Re: Computationally efficient method of assessing one measure of variation of a function
Posted:
Feb 23, 2013 10:37 PM


On Fri, 22 Feb 2013, pepstein5@gmail.com wrote:
> Let N be a positive integer. Let f be a function from the nonnegative > integers <= N to the reals. Let d > 0. What is a computationally > efficient way of finding the largest possible k such that there exists M > >=0, M + k <=N such that abs(f(x)  f(y)) <= d for all x, y such that x > and y are both >= M and <= M + k?
What's the ranges of the variables? Reals, integers, positive integers?
> I'm also interested in continuous analogies. For example, suppose f is > a continuous function defined on a closed interval. How do we find the > length of the longest interval I in the domain of f such that abs(f(x)  > f(y)) <= d whenever x and y both lie in I.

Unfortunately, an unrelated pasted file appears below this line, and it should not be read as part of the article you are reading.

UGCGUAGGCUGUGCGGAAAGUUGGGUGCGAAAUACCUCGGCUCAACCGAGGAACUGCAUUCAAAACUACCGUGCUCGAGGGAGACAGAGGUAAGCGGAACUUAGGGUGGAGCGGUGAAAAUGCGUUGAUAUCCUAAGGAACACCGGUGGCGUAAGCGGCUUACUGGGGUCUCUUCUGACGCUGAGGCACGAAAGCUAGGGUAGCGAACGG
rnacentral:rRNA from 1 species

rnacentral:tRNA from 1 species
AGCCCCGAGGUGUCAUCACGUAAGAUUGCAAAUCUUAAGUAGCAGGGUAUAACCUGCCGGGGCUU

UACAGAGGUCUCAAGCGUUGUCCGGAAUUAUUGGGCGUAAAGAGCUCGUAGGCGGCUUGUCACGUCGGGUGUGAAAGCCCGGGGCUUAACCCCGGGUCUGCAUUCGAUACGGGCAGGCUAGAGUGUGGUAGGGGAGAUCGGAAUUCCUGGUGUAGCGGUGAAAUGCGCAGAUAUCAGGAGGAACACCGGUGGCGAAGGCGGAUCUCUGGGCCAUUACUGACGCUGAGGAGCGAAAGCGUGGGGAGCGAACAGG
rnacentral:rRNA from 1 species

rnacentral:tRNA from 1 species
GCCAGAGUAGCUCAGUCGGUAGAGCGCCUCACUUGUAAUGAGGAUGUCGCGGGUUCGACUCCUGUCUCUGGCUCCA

For continuous f:[a,b] > R and d > 0, you want to find the largest interval I subset [a,b] with the lenght of the interval f(I) <= d?
That is highly dependent upon how f varies. If f is constant, then I = [a,b].
If f(x) = x, then I = [a, a+d] if a+d <= b is one maximal interval among possibly uncountable many. If b < a + d, then I = [a,b].
If f(x) = rx, r > 0, then I = [a, a+d/r] if a+d/r <= b is one maximal interval among possibly uncountable many. If b < a + d/r, then I = [a,b].
In general, if len f([a,b]) <= d, [a,b] is the maximum interval. It seems to me that the maximal intervals would be associated where f" is the smallest.